Say goodbye to unproductive workplace practices and build a culture of collaboration with Project Management apps – Part 2

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projects_blog2meeraThis is the second part of a 2-part blog series. Read the first part of the series here.

The myth of multitasking.

When you’re trying to get multiple things done with different sets of people, it might seem easy to multitask by doing everything together. But this can be counterproductive because your attention gets split between activities. You’ll take much longer to complete each activity, and this can negatively impact your overall output and quality of work. Several independent psychological researchers have established that multitasking results in reduced efficiency due to cognitive ‘switching’ costs.

Switching from a task before you complete it also causes the Ziegarnic effect – the tendency to experience intrusive thoughts about unfinished tasks. The only way to resolve the cognitive dissonance that comes from a lack of closure on an unfinished task is by completing that task.

A good project management app is one that lets you simplify complex projects so that you spend enough attention and energy on each task.

To simplify complex projects, you can organize them according to a hierarchy of easily manageable units such as milestones, task lists and tasks. Split your tasks into the simplest sub-tasks that can be easily completed before you move on to the next task. You can also set task dependencies to help identify and complete dependent tasks. And of course, the sense of completion that comes from finishing these tasks can help avoid the Ziegarnic effect!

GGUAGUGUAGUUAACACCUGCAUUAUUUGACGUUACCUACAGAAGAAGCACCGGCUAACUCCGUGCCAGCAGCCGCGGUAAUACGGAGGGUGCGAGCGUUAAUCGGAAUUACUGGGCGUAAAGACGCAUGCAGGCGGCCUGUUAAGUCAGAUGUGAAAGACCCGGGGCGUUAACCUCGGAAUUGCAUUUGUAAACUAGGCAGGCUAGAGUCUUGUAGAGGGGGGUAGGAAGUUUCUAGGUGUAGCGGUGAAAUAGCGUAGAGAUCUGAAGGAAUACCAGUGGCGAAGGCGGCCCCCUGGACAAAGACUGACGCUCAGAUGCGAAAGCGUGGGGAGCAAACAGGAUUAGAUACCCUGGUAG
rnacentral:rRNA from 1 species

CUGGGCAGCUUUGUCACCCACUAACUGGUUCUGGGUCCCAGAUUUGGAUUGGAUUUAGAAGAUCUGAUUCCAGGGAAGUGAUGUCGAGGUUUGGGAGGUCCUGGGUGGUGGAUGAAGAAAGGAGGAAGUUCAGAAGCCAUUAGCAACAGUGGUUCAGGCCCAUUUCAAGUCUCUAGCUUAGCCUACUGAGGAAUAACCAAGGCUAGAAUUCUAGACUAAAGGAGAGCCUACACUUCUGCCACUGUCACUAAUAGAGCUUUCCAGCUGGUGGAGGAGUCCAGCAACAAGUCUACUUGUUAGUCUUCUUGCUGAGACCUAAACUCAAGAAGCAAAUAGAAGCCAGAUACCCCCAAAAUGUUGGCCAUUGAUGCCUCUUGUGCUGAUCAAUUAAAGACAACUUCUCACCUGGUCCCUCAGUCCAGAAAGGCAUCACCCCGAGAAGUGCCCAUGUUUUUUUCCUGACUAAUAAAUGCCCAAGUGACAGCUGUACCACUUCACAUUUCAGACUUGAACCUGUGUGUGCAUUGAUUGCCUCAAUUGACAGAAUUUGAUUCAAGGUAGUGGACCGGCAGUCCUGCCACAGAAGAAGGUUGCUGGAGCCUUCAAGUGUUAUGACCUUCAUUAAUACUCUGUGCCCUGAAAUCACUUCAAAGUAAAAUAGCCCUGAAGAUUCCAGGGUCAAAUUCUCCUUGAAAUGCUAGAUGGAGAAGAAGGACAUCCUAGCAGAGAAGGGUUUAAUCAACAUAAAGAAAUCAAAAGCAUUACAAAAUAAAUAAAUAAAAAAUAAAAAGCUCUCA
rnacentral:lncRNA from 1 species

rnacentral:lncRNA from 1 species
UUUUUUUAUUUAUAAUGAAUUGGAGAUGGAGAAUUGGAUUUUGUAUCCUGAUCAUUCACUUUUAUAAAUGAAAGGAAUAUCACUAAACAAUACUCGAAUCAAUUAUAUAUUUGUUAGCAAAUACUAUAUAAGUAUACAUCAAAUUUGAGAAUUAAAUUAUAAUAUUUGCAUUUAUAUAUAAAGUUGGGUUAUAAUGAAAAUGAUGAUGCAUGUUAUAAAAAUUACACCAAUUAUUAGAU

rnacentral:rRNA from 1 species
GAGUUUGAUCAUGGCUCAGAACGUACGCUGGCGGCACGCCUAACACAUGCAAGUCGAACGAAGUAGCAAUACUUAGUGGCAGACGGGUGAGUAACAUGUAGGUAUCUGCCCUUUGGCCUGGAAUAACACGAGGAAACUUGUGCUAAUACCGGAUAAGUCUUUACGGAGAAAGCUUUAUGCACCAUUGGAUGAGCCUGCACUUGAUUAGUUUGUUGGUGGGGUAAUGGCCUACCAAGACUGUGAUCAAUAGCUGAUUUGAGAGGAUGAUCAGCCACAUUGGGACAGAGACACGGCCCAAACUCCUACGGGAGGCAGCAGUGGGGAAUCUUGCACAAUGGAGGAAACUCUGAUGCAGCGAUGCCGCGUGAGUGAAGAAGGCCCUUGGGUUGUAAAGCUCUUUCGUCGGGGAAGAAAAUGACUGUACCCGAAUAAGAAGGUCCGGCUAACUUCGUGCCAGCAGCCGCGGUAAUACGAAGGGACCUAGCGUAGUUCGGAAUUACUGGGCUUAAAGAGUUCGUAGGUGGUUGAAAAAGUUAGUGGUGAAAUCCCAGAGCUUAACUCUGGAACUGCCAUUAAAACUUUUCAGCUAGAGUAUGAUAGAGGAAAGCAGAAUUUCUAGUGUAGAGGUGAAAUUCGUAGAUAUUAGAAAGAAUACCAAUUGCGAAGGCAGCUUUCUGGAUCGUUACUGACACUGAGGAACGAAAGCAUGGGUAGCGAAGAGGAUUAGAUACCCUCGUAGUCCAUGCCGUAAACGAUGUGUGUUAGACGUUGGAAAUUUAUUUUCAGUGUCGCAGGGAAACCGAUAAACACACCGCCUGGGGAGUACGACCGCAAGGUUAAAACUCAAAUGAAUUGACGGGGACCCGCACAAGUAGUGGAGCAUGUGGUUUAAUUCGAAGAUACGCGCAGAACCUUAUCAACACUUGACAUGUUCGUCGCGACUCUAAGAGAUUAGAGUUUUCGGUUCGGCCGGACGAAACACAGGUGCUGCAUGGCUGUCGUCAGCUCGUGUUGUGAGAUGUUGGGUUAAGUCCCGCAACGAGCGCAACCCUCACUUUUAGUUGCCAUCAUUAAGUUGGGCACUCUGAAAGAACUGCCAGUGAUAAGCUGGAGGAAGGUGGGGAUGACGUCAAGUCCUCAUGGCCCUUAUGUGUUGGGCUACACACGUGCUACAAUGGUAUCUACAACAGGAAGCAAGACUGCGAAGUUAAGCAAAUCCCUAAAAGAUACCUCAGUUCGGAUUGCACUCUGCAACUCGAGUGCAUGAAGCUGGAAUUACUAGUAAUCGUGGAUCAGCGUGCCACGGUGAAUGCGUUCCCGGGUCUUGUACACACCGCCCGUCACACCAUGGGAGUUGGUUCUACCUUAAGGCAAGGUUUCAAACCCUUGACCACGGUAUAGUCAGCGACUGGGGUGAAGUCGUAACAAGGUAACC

Encourage everyone in your team to restrict their focus to completing one thing at a time – complete one task or participate in one discussion or just catch up with activity streams in one project portal. Finish any one thing before you move on to the next.

Treat different project portals like separate rooms – you cannot be in more than one at the same time.

Resist the temptation of switching to another tab or project portal before you’ve completed what you wanted to do. Read more

Gantt Chart: The Incredible Story Continues

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We have already seen how the Gantt Chart was used in several projects, big and small, across industries over the last century. Its original use was to plan production in factories, to allow all components to be available when needed for subsequent production activity. Today, as we hear from our customers, they are used in a variety of other applications and this includes marketing! Find it hard to believe? Take a look at these examples.